DO you know what the worst part is?
I’m talking, of course, about the horrific siege in Sydney on Monday. It’s hard to think about anything else.
The worst part is that Katrina Dawson and Tori Johnson didn’t know it was going to be their last day. They were cruelly, horrifically, carelessly robbed and it’s utterly bloody heartbreaking.
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When Katrina was getting her kids ready for kindy and school, when she was getting ready for work, when she was mentally plotting out her day as she ordered her coffee… She had no idea that those were to be amongst her final moments.
And when Tori arrived at work on Monday morning at the Lindt café, he was also in the dark that it would be his final morning of running the business and dealing with busy pre-Christmas crowds.
But that’s not the worst part, obviously. The worst part is that they’re gone, and two families are now grieving, heartbroken.
Over a dozen more families are relieved to have their loved ones safe and sound, but they still face a rough road ahead.
How hard do you think it is going to be for those people to return to work, to return to Sydney city – to even leave the house, after such a shocking ordeal?
If we’re going to discuss worsts, I suppose that we should also discuss the flip side of the coin.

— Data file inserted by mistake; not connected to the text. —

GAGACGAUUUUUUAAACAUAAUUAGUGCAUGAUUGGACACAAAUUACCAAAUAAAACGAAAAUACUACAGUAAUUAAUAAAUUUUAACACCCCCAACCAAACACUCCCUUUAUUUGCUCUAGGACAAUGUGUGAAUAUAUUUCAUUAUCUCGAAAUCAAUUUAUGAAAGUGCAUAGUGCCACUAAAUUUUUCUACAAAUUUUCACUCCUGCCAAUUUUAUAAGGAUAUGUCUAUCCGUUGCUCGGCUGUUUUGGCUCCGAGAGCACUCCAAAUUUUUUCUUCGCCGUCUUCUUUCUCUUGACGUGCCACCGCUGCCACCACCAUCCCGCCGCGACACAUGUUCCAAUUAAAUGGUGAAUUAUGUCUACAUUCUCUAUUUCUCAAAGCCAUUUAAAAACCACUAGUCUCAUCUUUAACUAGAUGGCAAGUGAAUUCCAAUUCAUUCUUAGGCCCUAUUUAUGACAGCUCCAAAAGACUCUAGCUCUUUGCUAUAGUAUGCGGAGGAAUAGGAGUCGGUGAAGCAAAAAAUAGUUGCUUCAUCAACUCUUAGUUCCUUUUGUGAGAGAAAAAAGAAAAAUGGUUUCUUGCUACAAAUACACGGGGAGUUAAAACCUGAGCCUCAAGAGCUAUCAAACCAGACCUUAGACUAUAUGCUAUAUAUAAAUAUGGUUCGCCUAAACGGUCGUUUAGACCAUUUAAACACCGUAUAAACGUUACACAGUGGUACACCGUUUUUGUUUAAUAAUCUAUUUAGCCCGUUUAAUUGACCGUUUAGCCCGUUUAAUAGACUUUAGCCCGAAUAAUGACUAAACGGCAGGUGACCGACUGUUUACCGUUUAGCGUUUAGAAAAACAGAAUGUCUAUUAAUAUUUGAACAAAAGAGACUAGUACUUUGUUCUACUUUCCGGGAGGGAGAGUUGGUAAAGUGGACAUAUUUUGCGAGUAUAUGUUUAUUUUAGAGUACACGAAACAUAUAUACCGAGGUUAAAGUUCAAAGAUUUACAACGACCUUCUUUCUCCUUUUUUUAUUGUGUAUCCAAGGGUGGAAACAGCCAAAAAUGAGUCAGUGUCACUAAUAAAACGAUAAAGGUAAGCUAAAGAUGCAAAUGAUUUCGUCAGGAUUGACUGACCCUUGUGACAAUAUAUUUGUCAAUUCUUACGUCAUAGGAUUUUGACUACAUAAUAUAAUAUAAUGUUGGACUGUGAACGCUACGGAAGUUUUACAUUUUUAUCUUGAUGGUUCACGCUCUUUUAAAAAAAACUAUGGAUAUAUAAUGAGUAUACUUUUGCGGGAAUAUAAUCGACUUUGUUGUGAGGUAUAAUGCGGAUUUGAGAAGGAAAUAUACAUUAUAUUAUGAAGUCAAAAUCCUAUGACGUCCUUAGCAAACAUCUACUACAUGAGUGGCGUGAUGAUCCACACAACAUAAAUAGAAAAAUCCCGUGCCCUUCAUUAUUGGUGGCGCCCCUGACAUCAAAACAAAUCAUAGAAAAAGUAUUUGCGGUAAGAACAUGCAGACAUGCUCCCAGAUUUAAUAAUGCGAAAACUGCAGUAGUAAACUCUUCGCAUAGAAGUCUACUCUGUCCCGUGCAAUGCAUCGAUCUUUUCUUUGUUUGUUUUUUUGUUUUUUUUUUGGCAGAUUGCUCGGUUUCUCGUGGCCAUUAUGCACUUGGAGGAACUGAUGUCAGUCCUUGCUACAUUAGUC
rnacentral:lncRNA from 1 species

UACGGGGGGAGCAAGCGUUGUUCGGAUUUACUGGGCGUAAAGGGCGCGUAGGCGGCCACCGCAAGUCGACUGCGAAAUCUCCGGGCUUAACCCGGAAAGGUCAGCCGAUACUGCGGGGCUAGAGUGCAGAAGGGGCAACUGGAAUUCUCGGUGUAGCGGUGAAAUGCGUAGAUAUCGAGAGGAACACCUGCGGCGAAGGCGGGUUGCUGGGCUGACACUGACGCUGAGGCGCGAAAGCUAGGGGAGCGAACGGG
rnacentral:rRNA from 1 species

There are clearly no upsides to this tragedy; it’s a horrific outcome. I know that as I went to sleep on Monday night, I sent a silent word to the big guy upstairs to please ensure a peaceful outcome. Instead, two people died. It could have been worse, a higher number of casualties, but that’s little comfort to the Dawson and Johnson families right now.
If we are to dig deep and find a silver lining, however, it has to be the way that Australia has reacted.
I expected the opposite, to be honest. I expected fear, intolerance, panic and calls for Muslims to “go back to their own country” (never mind that many Muslims are born and bred in Australia?!).
So when I first heard reports of the #illridewithyou hashtag, I got a little teary. To see how calm and rational people have been today has made me proud.
Let’s hope our sense of national tolerance and support continues long after this siege stops making headlines.
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